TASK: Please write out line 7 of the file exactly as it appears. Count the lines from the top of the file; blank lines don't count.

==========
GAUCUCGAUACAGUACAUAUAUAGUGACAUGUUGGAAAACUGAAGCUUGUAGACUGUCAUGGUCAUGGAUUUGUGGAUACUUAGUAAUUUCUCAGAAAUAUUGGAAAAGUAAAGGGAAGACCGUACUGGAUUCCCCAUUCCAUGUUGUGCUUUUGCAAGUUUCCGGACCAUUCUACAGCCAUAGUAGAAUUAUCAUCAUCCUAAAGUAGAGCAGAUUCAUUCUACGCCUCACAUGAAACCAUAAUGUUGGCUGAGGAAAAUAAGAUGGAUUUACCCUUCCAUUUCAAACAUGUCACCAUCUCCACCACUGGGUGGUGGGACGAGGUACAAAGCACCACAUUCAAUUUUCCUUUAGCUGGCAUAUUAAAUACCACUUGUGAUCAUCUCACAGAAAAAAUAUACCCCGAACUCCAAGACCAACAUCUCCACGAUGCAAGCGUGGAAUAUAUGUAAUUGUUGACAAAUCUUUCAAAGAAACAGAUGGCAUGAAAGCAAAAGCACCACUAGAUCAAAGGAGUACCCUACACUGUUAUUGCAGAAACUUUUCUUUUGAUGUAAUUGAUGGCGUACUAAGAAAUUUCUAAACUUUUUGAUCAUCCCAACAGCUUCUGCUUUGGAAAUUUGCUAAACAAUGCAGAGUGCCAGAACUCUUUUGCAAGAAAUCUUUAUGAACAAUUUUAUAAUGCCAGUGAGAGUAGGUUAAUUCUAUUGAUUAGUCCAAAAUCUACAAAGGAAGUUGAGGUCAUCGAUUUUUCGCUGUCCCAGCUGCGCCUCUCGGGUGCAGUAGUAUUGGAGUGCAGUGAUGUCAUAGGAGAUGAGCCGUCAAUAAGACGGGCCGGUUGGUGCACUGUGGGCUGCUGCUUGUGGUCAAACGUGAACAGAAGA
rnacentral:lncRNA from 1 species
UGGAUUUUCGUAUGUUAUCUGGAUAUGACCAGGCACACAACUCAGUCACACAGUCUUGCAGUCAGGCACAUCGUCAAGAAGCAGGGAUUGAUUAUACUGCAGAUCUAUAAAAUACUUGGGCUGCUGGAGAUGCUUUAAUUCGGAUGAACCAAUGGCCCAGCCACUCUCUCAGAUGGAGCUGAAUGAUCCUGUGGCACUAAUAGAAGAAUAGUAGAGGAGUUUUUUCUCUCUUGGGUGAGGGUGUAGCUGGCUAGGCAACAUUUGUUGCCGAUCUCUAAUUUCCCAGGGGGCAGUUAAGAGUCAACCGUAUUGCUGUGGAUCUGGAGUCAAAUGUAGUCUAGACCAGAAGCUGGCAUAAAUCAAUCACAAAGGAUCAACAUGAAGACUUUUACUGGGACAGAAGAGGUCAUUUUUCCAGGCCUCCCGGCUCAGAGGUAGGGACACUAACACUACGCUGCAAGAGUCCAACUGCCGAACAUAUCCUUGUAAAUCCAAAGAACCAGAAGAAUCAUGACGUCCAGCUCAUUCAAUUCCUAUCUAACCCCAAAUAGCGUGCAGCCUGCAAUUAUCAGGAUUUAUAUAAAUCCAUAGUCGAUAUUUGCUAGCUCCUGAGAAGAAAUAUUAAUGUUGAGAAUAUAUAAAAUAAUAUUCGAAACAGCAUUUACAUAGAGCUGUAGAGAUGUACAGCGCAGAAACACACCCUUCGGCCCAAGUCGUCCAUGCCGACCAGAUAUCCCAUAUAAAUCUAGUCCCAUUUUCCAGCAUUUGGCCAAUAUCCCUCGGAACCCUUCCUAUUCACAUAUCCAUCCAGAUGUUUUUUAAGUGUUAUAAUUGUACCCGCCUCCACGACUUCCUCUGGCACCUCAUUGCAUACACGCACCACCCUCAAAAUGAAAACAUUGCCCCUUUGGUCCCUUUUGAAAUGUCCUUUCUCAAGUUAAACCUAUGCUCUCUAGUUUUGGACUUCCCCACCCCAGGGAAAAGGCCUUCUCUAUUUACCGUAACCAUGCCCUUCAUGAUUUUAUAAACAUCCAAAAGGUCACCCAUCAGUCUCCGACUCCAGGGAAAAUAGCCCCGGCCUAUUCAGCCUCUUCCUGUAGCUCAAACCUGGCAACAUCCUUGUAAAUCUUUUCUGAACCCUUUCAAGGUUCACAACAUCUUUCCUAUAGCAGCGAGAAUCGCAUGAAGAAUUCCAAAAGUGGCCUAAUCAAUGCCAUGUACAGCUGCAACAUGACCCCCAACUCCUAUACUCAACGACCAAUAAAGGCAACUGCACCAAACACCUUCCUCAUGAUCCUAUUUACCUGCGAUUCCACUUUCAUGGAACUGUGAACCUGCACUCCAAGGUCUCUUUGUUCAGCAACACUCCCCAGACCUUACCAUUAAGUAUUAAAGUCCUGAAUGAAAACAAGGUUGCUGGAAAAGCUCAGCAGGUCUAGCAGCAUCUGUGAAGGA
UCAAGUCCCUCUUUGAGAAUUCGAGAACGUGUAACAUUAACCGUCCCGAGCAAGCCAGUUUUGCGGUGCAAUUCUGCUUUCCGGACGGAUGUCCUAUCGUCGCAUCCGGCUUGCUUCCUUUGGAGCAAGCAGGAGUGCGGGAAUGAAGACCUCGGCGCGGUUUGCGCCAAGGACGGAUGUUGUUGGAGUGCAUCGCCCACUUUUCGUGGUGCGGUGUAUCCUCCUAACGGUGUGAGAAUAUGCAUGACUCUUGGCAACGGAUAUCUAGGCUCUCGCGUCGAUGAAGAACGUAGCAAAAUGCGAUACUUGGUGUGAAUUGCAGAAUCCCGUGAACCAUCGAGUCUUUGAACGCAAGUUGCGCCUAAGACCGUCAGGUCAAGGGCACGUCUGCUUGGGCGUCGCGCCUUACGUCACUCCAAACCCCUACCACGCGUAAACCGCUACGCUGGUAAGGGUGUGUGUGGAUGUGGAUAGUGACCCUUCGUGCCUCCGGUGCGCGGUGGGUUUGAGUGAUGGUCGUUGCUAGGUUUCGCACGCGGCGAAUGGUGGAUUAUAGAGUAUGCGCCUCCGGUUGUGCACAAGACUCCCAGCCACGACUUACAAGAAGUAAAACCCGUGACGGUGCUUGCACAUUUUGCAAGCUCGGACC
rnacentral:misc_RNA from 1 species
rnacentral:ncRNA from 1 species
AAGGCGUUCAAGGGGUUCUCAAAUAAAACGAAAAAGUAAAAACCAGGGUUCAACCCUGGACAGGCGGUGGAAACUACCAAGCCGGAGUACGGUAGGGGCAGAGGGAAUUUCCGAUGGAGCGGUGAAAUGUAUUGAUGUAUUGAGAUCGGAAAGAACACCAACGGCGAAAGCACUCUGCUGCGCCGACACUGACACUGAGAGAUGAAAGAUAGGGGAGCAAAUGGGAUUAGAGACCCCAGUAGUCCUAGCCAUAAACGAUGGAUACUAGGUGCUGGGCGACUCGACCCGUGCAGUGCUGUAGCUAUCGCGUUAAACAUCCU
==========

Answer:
AAGGCGUUCAAGGGGUUCUCAAAUAAAACGAAAAAGUAAAAACCAGGGUUCAACCCUGGACAGGCGGUGGAAACUACCAAGCCGGAGUACGGUAGGGGCAGAGGGAAUUUCCGAUGGAGCGGUGAAAUGUAUUGAUGUAUUGAGAUCGGAAAGAACACCAACGGCGAAAGCACUCUGCUGCGCCGACACUGACACUGAGAGAUGAAAGAUAGGGGAGCAAAUGGGAUUAGAGACCCCAGUAGUCCUAGCCAUAAACGAUGGAUACUAGGUGCUGGGCGACUCGACCCGUGCAGUGCUGUAGCUAUCGCGUUAAACAUCCU